The police have arrested the 36-year-old driver for careless driving causing death. Seventeen passengers, from India and Bangladesh, were taken to the hospital, two of whom were unconscious. One worker, a 33-year-old Bangladeshi man, later died from his injuries. 

According to CNA, the Ministry of Manpower says that officers from its Assurance, Care and Engagement Group are working closely with the employer, reportedly Bright Asia Construction, and the Migrant Workers’ Centre (MWC) to care for the affected workers. 

On its Facebook page, MWC says that as of Tuesday evening, nine of the injured workers were discharged from hospital after being treated for minor injuries, while seven are still warded in hospital. Two of them are in the Intensive Care Unit. 

As to providing compensation for the affected workers, MWC notes: “As the accident took place while the workers were en route to the worksite, they should be protected under the Work Injury Compensation Act (WICA). MWC will also be contacting the loved ones of the deceased to offer our sympathies as well as to extend interim financial assistance to the family as it will take some time for WICA to be paid out.”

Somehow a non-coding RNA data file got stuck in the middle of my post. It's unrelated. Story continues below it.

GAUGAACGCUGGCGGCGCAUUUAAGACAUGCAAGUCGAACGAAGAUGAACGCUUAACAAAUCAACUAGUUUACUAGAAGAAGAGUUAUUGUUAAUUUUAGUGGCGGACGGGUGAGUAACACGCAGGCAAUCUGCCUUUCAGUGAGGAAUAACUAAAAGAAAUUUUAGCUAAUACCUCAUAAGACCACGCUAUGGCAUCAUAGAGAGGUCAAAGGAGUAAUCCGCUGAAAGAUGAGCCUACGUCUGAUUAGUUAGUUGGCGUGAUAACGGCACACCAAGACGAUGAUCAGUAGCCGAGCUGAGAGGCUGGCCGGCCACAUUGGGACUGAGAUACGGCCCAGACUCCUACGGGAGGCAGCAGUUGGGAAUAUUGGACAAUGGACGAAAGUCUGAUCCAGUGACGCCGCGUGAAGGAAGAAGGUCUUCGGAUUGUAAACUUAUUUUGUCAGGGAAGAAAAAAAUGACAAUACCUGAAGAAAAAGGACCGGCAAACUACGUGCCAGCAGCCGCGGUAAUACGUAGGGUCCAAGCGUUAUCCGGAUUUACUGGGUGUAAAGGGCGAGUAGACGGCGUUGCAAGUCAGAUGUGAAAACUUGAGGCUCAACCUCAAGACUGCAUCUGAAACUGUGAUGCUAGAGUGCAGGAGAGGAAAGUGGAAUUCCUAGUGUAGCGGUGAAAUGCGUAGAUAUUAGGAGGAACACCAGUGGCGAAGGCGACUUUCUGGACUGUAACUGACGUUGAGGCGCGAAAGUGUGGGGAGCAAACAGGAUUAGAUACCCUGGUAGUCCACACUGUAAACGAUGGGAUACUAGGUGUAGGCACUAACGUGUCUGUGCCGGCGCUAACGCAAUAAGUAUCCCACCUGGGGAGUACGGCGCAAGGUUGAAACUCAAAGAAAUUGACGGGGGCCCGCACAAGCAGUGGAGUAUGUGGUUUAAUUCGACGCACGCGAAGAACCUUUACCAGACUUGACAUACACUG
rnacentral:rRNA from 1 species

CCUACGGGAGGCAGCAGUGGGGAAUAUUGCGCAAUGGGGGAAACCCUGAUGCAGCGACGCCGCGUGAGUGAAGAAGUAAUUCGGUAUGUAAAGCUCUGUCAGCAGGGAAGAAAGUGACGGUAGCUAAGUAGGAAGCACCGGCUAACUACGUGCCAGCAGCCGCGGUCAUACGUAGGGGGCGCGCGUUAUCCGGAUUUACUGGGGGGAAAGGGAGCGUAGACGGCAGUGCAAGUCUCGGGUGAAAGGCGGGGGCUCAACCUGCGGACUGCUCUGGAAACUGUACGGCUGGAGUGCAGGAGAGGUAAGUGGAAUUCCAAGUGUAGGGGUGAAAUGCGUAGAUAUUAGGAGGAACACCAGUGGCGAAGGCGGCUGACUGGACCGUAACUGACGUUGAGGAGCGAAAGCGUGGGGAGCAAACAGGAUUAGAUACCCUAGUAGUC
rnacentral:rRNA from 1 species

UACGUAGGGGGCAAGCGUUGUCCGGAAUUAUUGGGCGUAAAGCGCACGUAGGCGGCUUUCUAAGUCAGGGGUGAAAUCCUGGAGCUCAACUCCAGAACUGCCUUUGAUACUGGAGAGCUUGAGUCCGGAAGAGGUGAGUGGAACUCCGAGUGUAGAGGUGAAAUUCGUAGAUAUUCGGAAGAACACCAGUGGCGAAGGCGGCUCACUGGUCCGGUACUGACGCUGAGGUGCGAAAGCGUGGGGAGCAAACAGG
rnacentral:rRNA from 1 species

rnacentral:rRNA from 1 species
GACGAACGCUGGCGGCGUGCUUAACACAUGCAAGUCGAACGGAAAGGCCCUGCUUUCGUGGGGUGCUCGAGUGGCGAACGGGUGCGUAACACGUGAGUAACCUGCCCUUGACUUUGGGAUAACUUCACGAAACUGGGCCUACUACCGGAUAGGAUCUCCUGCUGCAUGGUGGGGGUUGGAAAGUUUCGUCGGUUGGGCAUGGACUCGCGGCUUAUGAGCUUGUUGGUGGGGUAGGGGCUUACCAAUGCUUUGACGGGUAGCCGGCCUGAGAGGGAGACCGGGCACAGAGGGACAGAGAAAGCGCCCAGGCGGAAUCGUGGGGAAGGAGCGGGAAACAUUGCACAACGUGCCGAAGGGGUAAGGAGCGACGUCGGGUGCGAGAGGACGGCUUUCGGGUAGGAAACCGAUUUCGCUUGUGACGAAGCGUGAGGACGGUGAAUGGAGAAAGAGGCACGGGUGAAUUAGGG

MWC adds that members of the public who wish to help can donate to its charity arm, the Migrant Workers’ Assistance Fund.

In response to social media and Reddit posts about the accident, netizens have offered their well-wishes and support to the migrant workers involved in the crash. Many reiterated how bad they feel for migrant workers who have to travel unprotected in the back of lorries and open-top vehicles. Several suggested safer options like buses to transport migrant workers to and from their worksites. While others focussed on speeding as the problem and suggested that authorities clamp down on lorry drivers who exceed limits with harsher penalties.  

(Source: CNA / Facebook)
(Source: CNA / Facebook)

(Source: CNA / Facebook)

(Source: It’s Raining Raincoats / Facebook)
(Source: Reddit)
(Source: SG Road Vigilante / Facebook)
(Source: SG Road Vigilante / Facebook)

The issue of migrant workers being ferried in the back of lorries in Singapore is a longstanding one, and is often revisited after accidents happen.